No matter where you stand on abortion, the reality of what’s happening is “horrible,” President Trump told pro-lifers on a White House conference call yesterday. He knows as well as we do that sometimes the most painful truths are the ones that bring the change we’ve been waiting for. It will take all of us, but maybe one day America will look back on New York as the bright pink spire pointing everyone up — to where we should have been looking all along.
Originally published here.
A Late Turn on Late-Term Abortions
While Republicans make a determined march to the House floor every day to plead for the protection of born-alive babies, men and women around the country are flooding the states with their own measures. Hours of emotional debate are spilling over into assembly hearings in Vermont, Rhode Island, New Mexico, Illinois, and other places where liberals are digging in on an agency that puts them at odds with 77 percent of the country. The message from red and blue states seems to be the same: this issue isn’t going away any time soon.
In Indiana — like so many other statehouses — whatever legislative priorities were on the schedule are being pushed aside to deal with the crisis New York created. Unlike their neighbors in Illinois, who are determined to become the most radical state in the union on abortion, the Hoosiers are trying to stamp out a torturous procedure that rips babies limb from limb. Under House Bill 1211, doctors would no longer be allowed to perform dismemberment abortions or use instruments like clamps, forceps, and scissors to pull a baby from the womb. In a radical departure from the usual “health exception,” Indiana spelled out that those measures can only be taken if there is “serious risk of substantial and irreversible physical impairment of a major bodily function” to the woman.
When Democrats like State Rep. Dan Forestal (D) objected to some of the graphic testimony, Fort Wayne OB/GYN Christina Francis fired back, “Shouldn’t we be more uncomfortable that this is being done every day?” After all, Rep. Peggy Mayfield (R) argued, “Some people [think] abortion is a tidy little procedure like getting a shot or tooth pulled. That is not the case. This is a brutal procedure [that] should be banned.”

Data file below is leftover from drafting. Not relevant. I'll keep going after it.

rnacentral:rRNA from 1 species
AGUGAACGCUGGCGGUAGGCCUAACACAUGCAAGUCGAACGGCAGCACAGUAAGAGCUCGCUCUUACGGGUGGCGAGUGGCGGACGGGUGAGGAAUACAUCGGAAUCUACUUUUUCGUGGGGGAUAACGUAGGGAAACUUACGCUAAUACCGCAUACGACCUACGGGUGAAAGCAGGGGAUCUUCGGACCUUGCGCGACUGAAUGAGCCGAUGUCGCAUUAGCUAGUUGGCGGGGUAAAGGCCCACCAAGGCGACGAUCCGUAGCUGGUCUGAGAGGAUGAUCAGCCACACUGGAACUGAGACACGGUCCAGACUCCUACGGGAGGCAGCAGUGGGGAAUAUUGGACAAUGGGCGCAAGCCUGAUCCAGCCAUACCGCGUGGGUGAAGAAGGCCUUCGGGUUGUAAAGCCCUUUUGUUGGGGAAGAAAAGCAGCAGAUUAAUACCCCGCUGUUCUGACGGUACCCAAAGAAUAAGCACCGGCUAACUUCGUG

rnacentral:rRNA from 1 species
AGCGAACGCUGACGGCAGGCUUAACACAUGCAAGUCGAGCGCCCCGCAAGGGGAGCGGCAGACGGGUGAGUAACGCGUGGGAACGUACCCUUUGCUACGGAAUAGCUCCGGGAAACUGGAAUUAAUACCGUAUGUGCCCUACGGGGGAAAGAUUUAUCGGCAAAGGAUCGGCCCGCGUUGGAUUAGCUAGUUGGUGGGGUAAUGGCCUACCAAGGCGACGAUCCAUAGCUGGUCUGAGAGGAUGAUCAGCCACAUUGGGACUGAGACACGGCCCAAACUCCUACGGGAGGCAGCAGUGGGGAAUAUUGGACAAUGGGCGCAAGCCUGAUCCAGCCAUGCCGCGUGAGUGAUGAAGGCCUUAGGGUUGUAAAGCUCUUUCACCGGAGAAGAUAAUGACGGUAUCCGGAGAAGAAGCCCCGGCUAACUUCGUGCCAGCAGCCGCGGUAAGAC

In North Carolina, where the legislative session isn’t underway, the dockets are already full of pro-life bills waiting to be filed. Proposals like Indiana’s to outlaw dismemberment abortions are on the table, as well as one of the better ideas moving through the states: a measure that would require doctors to tell patients about abortion-reversal pills. According to some studies, moms who take the high doses of progesterone to counteract the abortion drug have about a 65-68 percent chance of saving their babies. Even more encouraging, the side effects are minimal. According to the International Journal of Obstetrics and Gynecology, the “rate of malformations… is only slightly higher than the expected two to three-percent rate in the general population” — giving women with second thoughts about abortion a truly powerful option to change course.
Elsewhere, the universal outrage over the Democrats’ infanticide agenda is obviously falling on deaf ears in Arizona, where liberals had the gall to introduce language that would strip newborns of their born-alive protections. In a headline that ought to have every Arizonan at the capital protesting, Democrats actually filed a bill to repeal the lifesaving measures already in place for survivors of abortion. Under this HB 2696, there would be no resuscitation for babies born alive. Instead, they would be “allowed” to fight for their life without help on a cold, metal table. Incredibly, 17 of the Arizona House’s 30 Democrats sponsored the proposal.